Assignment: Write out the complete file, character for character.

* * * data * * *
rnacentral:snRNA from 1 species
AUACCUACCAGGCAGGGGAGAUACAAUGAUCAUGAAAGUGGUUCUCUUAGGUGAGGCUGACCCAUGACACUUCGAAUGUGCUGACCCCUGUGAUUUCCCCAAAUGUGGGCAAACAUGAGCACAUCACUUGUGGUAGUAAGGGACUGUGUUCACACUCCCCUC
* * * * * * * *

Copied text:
rnacentral:snRNA from 1 species
AUACCUACCAGGCAGGGGAGAUACAAUGAUCAUGAAAGUGGUUCUCUUAGGUGAGGCUGACCCAUGACACUUCGAAUGUGCUGACCCCUGUGAUUUCCCCAAAUGUGGGCAAACAUGAGCACAUCACUUGUGGUAGUAAGGGACUGUGUUCACACUCCCCUC